Comment: Those definitions are a

(See in situ)


Those definitions are a

Those definitions are a little loose to qualify as coming from an "economic dictionary".

How about we try a slightly more thorough source for their definition, Investopedia:

"Definition of 'Money'
An officially-issued legal tender generally consisting of currency and coin. Money is the circulating medium of exchange as defined by a government. Money is often synonymous with cash, including negotiable instruments such as checks. Each country has its own money, or currency, that is used as a medium of exchange within that country (some countries share a type of currency, such as the euro used by the European Union). The currency of one country can be exchanged for the currency of another via a currency exchange. The current exchange rate determines how much of one currency must be used to purchase a specified amount of the other currency. For example, the exchange rate between the euro and the US dollar may be 1.2596, where 1 euro can buy 1.2596 US dollars."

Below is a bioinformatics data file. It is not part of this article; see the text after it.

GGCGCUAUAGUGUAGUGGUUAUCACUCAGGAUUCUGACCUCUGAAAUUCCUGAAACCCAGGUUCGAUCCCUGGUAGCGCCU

Investopedia explains 'Money'
Legal tender is a type of payment that can lawfully be used to meet financial obligations. Money, as legal tender, is a commodity or asset, or an officially-issued currency or coin that can be legally exchanged for something of equal value, such as a good or service, or that can be used in payment of a debt. Currency may include notice of the legal tender status. In the United States, for example, the paper money includes the statement, "This note is legal tender for all debts, public and private;" in Australia, the notes include, "This Australian note is legal tender throughout Australia and its territories."

http://www.investopedia.com/terms/m/money.asp

Either way, your personal definition does not fit the definition of the wider English speaking world.